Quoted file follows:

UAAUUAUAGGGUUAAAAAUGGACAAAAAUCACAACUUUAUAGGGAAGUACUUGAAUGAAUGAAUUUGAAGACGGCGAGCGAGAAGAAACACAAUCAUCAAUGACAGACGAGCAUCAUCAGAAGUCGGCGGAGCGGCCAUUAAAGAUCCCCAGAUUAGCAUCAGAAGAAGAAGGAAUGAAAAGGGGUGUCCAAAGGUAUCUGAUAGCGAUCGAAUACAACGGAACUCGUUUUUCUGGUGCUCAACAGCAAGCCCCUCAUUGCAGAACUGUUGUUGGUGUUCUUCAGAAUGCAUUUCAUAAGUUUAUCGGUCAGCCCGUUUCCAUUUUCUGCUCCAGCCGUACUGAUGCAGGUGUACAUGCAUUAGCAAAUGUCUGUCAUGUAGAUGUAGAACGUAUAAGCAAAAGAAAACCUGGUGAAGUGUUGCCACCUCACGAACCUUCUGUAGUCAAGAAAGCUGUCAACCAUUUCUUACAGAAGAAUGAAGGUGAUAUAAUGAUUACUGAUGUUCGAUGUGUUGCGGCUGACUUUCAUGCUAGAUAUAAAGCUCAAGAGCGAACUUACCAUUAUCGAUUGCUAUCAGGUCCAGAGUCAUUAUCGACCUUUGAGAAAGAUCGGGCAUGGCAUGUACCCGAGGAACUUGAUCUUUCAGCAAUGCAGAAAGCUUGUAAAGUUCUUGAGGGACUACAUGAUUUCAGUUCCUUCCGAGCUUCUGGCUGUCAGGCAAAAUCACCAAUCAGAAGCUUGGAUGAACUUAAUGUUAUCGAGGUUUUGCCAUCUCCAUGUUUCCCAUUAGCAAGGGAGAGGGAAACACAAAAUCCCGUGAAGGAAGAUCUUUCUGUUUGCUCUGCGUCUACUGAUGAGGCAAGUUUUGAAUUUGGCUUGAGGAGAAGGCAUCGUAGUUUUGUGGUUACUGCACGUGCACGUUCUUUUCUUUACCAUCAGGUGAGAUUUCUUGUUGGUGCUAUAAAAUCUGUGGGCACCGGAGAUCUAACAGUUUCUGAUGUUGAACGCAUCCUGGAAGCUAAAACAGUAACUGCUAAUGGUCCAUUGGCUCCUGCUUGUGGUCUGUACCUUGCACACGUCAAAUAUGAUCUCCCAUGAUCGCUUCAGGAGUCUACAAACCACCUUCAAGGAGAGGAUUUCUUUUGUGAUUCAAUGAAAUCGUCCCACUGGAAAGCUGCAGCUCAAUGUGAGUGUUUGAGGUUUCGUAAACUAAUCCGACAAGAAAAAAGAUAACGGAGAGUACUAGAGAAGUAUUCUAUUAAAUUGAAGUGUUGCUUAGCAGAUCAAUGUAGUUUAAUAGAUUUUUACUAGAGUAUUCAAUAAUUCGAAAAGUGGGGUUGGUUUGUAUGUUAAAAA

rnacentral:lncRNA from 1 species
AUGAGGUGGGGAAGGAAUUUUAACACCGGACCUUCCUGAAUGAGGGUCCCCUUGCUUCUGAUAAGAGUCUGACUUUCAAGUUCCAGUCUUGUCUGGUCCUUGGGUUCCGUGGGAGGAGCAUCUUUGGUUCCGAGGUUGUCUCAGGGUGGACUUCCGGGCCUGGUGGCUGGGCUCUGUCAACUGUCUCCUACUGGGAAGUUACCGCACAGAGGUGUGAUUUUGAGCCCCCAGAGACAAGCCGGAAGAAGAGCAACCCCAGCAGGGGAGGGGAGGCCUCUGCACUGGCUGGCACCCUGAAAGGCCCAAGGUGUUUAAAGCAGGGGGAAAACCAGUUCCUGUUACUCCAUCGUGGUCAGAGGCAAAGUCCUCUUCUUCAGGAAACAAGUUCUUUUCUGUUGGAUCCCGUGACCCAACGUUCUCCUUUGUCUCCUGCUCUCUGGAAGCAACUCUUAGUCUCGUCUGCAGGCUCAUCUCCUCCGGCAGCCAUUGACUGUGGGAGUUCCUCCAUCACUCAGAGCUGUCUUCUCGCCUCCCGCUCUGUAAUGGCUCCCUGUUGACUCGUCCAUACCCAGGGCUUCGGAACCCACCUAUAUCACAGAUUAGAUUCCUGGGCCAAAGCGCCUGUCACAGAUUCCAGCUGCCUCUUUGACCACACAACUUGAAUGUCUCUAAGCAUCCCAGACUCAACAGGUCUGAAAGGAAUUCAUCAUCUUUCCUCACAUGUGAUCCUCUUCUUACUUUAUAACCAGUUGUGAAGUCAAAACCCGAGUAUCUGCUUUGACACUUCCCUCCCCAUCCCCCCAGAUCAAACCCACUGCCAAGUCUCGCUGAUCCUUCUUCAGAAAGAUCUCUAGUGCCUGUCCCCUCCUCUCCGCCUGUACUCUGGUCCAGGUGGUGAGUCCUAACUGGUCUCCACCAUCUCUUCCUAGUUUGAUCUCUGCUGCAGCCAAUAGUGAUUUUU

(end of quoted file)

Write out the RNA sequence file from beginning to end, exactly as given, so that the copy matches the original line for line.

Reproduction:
UAAUUAUAGGGUUAAAAAUGGACAAAAAUCACAACUUUAUAGGGAAGUACUUGAAUGAAUGAAUUUGAAGACGGCGAGCGAGAAGAAACACAAUCAUCAAUGACAGACGAGCAUCAUCAGAAGUCGGCGGAGCGGCCAUUAAAGAUCCCCAGAUUAGCAUCAGAAGAAGAAGGAAUGAAAAGGGGUGUCCAAAGGUAUCUGAUAGCGAUCGAAUACAACGGAACUCGUUUUUCUGGUGCUCAACAGCAAGCCCCUCAUUGCAGAACUGUUGUUGGUGUUCUUCAGAAUGCAUUUCAUAAGUUUAUCGGUCAGCCCGUUUCCAUUUUCUGCUCCAGCCGUACUGAUGCAGGUGUACAUGCAUUAGCAAAUGUCUGUCAUGUAGAUGUAGAACGUAUAAGCAAAAGAAAACCUGGUGAAGUGUUGCCACCUCACGAACCUUCUGUAGUCAAGAAAGCUGUCAACCAUUUCUUACAGAAGAAUGAAGGUGAUAUAAUGAUUACUGAUGUUCGAUGUGUUGCGGCUGACUUUCAUGCUAGAUAUAAAGCUCAAGAGCGAACUUACCAUUAUCGAUUGCUAUCAGGUCCAGAGUCAUUAUCGACCUUUGAGAAAGAUCGGGCAUGGCAUGUACCCGAGGAACUUGAUCUUUCAGCAAUGCAGAAAGCUUGUAAAGUUCUUGAGGGACUACAUGAUUUCAGUUCCUUCCGAGCUUCUGGCUGUCAGGCAAAAUCACCAAUCAGAAGCUUGGAUGAACUUAAUGUUAUCGAGGUUUUGCCAUCUCCAUGUUUCCCAUUAGCAAGGGAGAGGGAAACACAAAAUCCCGUGAAGGAAGAUCUUUCUGUUUGCUCUGCGUCUACUGAUGAGGCAAGUUUUGAAUUUGGCUUGAGGAGAAGGCAUCGUAGUUUUGUGGUUACUGCACGUGCACGUUCUUUUCUUUACCAUCAGGUGAGAUUUCUUGUUGGUGCUAUAAAAUCUGUGGGCACCGGAGAUCUAACAGUUUCUGAUGUUGAACGCAUCCUGGAAGCUAAAACAGUAACUGCUAAUGGUCCAUUGGCUCCUGCUUGUGGUCUGUACCUUGCACACGUCAAAUAUGAUCUCCCAUGAUCGCUUCAGGAGUCUACAAACCACCUUCAAGGAGAGGAUUUCUUUUGUGAUUCAAUGAAAUCGUCCCACUGGAAAGCUGCAGCUCAAUGUGAGUGUUUGAGGUUUCGUAAACUAAUCCGACAAGAAAAAAGAUAACGGAGAGUACUAGAGAAGUAUUCUAUUAAAUUGAAGUGUUGCUUAGCAGAUCAAUGUAGUUUAAUAGAUUUUUACUAGAGUAUUCAAUAAUUCGAAAAGUGGGGUUGGUUUGUAUGUUAAAAA

rnacentral:lncRNA from 1 species
AUGAGGUGGGGAAGGAAUUUUAACACCGGACCUUCCUGAAUGAGGGUCCCCUUGCUUCUGAUAAGAGUCUGACUUUCAAGUUCCAGUCUUGUCUGGUCCUUGGGUUCCGUGGGAGGAGCAUCUUUGGUUCCGAGGUUGUCUCAGGGUGGACUUCCGGGCCUGGUGGCUGGGCUCUGUCAACUGUCUCCUACUGGGAAGUUACCGCACAGAGGUGUGAUUUUGAGCCCCCAGAGACAAGCCGGAAGAAGAGCAACCCCAGCAGGGGAGGGGAGGCCUCUGCACUGGCUGGCACCCUGAAAGGCCCAAGGUGUUUAAAGCAGGGGGAAAACCAGUUCCUGUUACUCCAUCGUGGUCAGAGGCAAAGUCCUCUUCUUCAGGAAACAAGUUCUUUUCUGUUGGAUCCCGUGACCCAACGUUCUCCUUUGUCUCCUGCUCUCUGGAAGCAACUCUUAGUCUCGUCUGCAGGCUCAUCUCCUCCGGCAGCCAUUGACUGUGGGAGUUCCUCCAUCACUCAGAGCUGUCUUCUCGCCUCCCGCUCUGUAAUGGCUCCCUGUUGACUCGUCCAUACCCAGGGCUUCGGAACCCACCUAUAUCACAGAUUAGAUUCCUGGGCCAAAGCGCCUGUCACAGAUUCCAGCUGCCUCUUUGACCACACAACUUGAAUGUCUCUAAGCAUCCCAGACUCAACAGGUCUGAAAGGAAUUCAUCAUCUUUCCUCACAUGUGAUCCUCUUCUUACUUUAUAACCAGUUGUGAAGUCAAAACCCGAGUAUCUGCUUUGACACUUCCCUCCCCAUCCCCCCAGAUCAAACCCACUGCCAAGUCUCGCUGAUCCUUCUUCAGAAAGAUCUCUAGUGCCUGUCCCCUCCUCUCCGCCUGUACUCUGGUCCAGGUGGUGAGUCCUAACUGGUCUCCACCAUCUCUUCCUAGUUUGAUCUCUGCUGCAGCCAAUAGUGAUUUUU